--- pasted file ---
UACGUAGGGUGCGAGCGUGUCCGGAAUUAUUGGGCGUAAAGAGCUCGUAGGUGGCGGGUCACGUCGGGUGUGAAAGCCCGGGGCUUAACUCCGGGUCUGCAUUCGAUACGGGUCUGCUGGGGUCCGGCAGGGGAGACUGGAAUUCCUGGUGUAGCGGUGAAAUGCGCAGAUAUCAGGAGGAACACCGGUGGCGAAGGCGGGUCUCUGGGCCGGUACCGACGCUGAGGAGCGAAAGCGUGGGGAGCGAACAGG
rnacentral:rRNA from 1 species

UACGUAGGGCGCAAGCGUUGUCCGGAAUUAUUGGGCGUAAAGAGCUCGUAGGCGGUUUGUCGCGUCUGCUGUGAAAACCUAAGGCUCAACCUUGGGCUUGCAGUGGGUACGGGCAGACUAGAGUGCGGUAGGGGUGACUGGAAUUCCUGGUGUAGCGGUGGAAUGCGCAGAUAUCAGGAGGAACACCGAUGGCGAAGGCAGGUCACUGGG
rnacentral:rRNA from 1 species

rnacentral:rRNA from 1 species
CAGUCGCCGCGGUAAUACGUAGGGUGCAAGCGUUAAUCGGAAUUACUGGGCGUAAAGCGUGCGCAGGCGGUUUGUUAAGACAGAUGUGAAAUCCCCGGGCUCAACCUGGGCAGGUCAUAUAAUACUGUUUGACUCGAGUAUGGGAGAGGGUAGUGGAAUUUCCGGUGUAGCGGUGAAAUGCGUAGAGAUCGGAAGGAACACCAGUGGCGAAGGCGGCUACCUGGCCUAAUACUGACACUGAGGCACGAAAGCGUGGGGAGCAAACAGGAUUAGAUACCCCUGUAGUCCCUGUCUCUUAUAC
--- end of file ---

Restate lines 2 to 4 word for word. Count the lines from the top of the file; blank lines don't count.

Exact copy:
rnacentral:rRNA from 1 species

UACGUAGGGCGCAAGCGUUGUCCGGAAUUAUUGGGCGUAAAGAGCUCGUAGGCGGUUUGUCGCGUCUGCUGUGAAAACCUAAGGCUCAACCUUGGGCUUGCAGUGGGUACGGGCAGACUAGAGUGCGGUAGGGGUGACUGGAAUUCCUGGUGUAGCGGUGGAAUGCGCAGAUAUCAGGAGGAACACCGAUGGCGAAGGCAGGUCACUGGG
rnacentral:rRNA from 1 species